BACKGROUND OF THE INVENTION
1. Field of the Invention
This invention pertains to hollow core photonic band gap chalcogenide fibers and to the method of making same.
2. Description of Related Art
Practically every molecular species possesses a characteristic vibrational spectrum in the infrared wavelength region between about 2 and 12 μm. Consequently, chemicals can be clearly and definitely identified based on their unique infrared absorption spectra. In fact, this is called the “fingerprint region.” Detection and identification can be performed on liquids, gases and solids using traditional infrared (1R) spectrometers and Fourier Transform Infrared spectrometers. The chemicals can be detected using various modes including absorption and reflectance spectroscopy.
Fiber optic based sensors have been developed using chalcogenide glass fibers. Chalcogenide fibers transmit in the fingerprint region and can be coupled to an IR spectrometer. In this case, the evanescent field propagating outside the core can be accessed by removal of the cladding via etching or by reducing the diameter of the fiber by stretching. The evanescent field on the outside surface of the fiber, can interact with the surrounding analyte and provide definitive chemical identification even in mixtures. The advantage of the fiber approach is that the sensing can now be done remotely but one drawback of the evanescent spectroscopy is that the technique has limited sensitivity since only a small fraction, i.e., a few percent, of the light propagates in the evanescent field. Furthermore, the field decays exponentially from the surface of the fiber and so only analyte at the surface will interact with the evanescent field. Therefore, while IR spectroscopy is a very powerful tool for definitive chemical identification, there is a need to improve the sensitivity so that it will find widespread use.
- OBJECTS AND BRIEF SUMMARY OF THE INVENTION
Hollow core silica fibers with a structured region providing a photonic band gap have been known since about 1999. Photonic band gap fibers have been recently demonstrated using silica glass with a minimum loss of 13 dB/km at 1.5 μm. It would be obvious use hollow core photonic band gap silica fiber to transmit wavelengths longer than 1.5 μm since it was believed that the light was guided in the hollow core and therefore 2-12 μm light can be used to perform fingerprint IR spectroscopy. However, it turns out that hollow core PBG silica fibers do not transmit well beyond about 2 μm since several percent of the light propagates in the microstructured region and this light is highly attenuated through multiphonon absorption in silica. Hence, it is not possible to use silica PBG fibers to perform fingerprint spectroscopy in the IR beyond a wavelength of about 2 μm.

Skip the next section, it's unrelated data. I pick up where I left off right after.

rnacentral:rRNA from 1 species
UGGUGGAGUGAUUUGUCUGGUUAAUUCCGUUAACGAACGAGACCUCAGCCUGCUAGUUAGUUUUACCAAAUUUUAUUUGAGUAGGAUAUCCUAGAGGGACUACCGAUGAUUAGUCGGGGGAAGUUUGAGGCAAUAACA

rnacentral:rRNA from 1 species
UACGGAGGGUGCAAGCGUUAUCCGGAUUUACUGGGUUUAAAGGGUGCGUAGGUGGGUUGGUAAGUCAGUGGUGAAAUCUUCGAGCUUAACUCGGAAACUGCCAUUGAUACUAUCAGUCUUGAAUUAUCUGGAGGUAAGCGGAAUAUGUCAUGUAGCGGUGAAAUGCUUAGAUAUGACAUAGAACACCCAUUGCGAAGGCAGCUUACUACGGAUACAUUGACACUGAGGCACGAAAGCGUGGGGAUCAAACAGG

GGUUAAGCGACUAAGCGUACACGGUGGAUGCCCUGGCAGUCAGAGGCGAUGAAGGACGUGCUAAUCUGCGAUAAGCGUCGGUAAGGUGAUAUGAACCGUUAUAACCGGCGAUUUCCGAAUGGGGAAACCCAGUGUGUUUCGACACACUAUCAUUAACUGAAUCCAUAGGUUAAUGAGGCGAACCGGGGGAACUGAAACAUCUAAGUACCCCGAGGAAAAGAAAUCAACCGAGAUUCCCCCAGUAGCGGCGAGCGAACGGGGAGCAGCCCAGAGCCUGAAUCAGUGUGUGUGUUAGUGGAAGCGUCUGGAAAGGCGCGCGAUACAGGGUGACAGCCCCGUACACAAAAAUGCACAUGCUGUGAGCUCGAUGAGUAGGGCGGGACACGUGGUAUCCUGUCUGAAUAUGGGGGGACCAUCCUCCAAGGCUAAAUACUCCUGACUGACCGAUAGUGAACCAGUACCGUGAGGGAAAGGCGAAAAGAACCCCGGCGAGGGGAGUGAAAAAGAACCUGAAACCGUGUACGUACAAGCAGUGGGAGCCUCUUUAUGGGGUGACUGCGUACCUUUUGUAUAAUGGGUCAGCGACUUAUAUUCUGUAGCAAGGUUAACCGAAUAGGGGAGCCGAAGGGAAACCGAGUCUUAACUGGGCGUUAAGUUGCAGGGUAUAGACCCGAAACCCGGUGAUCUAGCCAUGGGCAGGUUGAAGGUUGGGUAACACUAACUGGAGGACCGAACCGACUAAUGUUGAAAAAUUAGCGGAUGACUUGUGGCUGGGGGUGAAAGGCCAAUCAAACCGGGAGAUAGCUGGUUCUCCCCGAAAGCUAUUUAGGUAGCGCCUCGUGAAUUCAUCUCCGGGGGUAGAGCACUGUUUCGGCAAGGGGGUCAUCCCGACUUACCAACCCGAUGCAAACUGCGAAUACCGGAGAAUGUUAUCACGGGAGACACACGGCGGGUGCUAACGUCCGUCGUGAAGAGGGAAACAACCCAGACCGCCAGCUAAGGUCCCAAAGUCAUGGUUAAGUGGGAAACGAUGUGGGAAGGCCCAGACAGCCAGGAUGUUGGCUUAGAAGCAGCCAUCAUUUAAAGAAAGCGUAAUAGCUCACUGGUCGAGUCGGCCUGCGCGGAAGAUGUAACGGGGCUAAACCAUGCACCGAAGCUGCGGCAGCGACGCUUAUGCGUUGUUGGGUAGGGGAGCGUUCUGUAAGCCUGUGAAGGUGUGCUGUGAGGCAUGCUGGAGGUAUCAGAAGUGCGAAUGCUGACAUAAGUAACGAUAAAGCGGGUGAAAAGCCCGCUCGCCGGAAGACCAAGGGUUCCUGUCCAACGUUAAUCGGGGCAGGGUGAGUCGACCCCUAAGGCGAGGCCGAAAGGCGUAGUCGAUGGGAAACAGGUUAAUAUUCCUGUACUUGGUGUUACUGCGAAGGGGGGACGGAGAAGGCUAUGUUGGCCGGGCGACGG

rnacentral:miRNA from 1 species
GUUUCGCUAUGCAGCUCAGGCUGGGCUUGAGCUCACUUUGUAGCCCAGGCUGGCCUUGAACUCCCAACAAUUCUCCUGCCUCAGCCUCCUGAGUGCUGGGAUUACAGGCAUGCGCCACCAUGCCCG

An object of this invention is a hollow core photonic band gap chalcogenide glass fiber.
It is another object of this invention to sense molecular species in the fingerprint region of the vibrational spectrum of about 2 to 12 μm at levels of parts per billion (ppb).
It is another object of this invention to increase sensitivity of sensing molecular species over evanescent technique by hundreds of times.
It is another object of this invention to use the hollow core fiber of this invention for transmission of higher power sources, exceeding power density of 10 GW/cm2 pulse power for pulsed lasers and exceeding power of about 10 W for continuous wave lasers.
It is another object of this invention to fabricate hollow core photonic band gap glass fibers from chalcogenide glass.
BRIEF DESCRIPTION OF THE DRAWINGS
These and other objects of this invention can be accomplished by a hollow core photonic band gap fiber made totally from chalcogenide glass that can sense molecular species in the spectrographic region of about 2-12 μm and that can transmit ultrahigh power light signals, the glass fiber having a hollow core for passing a light signal therethrough, a microstructured region surrounding the hollow core, and a solid circumferential region surrounding the microstructured region.